Sir Menzies Campbell was in fine form as he spent an unusual evening among friends and allies. A leader at odds with many in his 21st-century party positively shone days ago in the town he declared "a crucible of 19th-century liberal thought".
At a convivial annual dinner with Rochdale's all-conquering Liberal Democrats, he let his audience in on the "three key principles ... at the heart of my bid for government". Few of the 150 Lib Dems gathered in the historic town hall to hear their special guest's "sparkling" address suspected he would be gone so long before polling day.
"He gave no indication at all," said Rochdale MP Paul Rowen. "Indeed, he was very upbeat and revelled in the success of the party ... and looked forward to the future."
It is unlikely that even the perennially embattled Sir Menzies Campbell believed his own future as leader would not stretch into the middle of the following week. But less than three days after he took his bow before Rochdale's Lib Dems, he had left them bemused and searching for a new leader.
It is somewhat ironic that Ming decided to give up as the prospect of an early election disappeared. It could have signalled an end to the panic at Lib Dem HQ over the imminent danger of being squeezed to a rump by a resurgent Tory party. Instead, as one Campbell loyalist explained: "If the party had been anxious about fighting an early election behind a man in his mid-60s, it was terrified by the prospect of being led into the next one by someone pushing 70."
Ming had appeared to weather the persistent criticism of his age and leadership qualities that had provided the subtext to the party conference when he told a regional party gathering in Suffolk, the day after his triumph in Rochdale, that talk of a leadership challenge was "idle chatter".
In reality, however, he had already begun to broach the leadership issue in one-to-one meetings with trusted colleagues, and had not received the level of enthusiastic support he had craved. It was his friends, and not his enemies, who delivered the fatal blows.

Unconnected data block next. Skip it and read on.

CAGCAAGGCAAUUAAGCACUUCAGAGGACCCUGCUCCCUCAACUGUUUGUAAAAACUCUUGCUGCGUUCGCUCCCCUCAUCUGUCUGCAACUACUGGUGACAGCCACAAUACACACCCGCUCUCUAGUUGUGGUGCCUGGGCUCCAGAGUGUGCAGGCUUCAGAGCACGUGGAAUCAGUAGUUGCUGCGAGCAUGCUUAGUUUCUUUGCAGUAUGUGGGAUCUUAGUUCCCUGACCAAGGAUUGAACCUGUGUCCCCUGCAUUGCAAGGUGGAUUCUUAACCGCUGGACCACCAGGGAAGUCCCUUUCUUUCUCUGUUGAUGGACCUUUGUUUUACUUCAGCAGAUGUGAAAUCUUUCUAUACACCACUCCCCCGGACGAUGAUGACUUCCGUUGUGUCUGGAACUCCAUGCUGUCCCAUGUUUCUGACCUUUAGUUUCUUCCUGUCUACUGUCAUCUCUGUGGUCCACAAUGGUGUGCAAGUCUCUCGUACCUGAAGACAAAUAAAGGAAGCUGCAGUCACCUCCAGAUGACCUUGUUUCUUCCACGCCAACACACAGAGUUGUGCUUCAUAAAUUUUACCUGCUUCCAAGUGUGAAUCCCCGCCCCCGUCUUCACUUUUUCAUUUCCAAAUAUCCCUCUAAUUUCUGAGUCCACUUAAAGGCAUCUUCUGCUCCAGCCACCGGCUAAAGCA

Ming had been disappointed by the wider response to his speech on Saturday – the mood darkened by the public admission on the part of the party president, Simon Hughes, that the leader "has to do better". But when Ming boarded the train from Edinburgh to London on Monday morning he was fully prepared for another week at the coalface of the party leadership. Barely had he arrived at his desk in Westminster, however, than he decided to resign.
Allies point to the continuing poor coverage as a key factor. "He found the usual digest of negative press cuttings waiting for him and decided he would never be able to turn it round," one said. But they also admit that the media's obsession with his age was not a sufficient reason to give up. The truth is that the rumblings of discontent were beginning to coagulate into a movement against him, with supporters of the most likely successors briefing about the need for change.
During a meeting with his media manager, Mark Webster, and Archy Kirkwood, his long-term ally and chief of staff, the leader gave in to the inevitable. Discreet polling of grass-roots voices, MPs and, crucially, Lord Kirkwood's own conversations with party grandees including Lord Ashdown, confirmed profound doubts about his ability to carry on.
"I think he realised that another two or three weeks of the continuous back-biting would have led to him being forced out in ignominy," a veteran Lib Dem MP said. "He didn't want to have junior MPs telling him he had to go. So he said 'Fuck it, I'm going on my terms – I won't be humiliated like Charles Kennedy was'."
As the news filtered out, Ming rang his wife Elspeth to tell her that he had resigned, and would be home for supper. They would watch the fall-out from his bombshell from the comfort of their sitting room. He had returned to life as a normal 66-year-old.Reuse content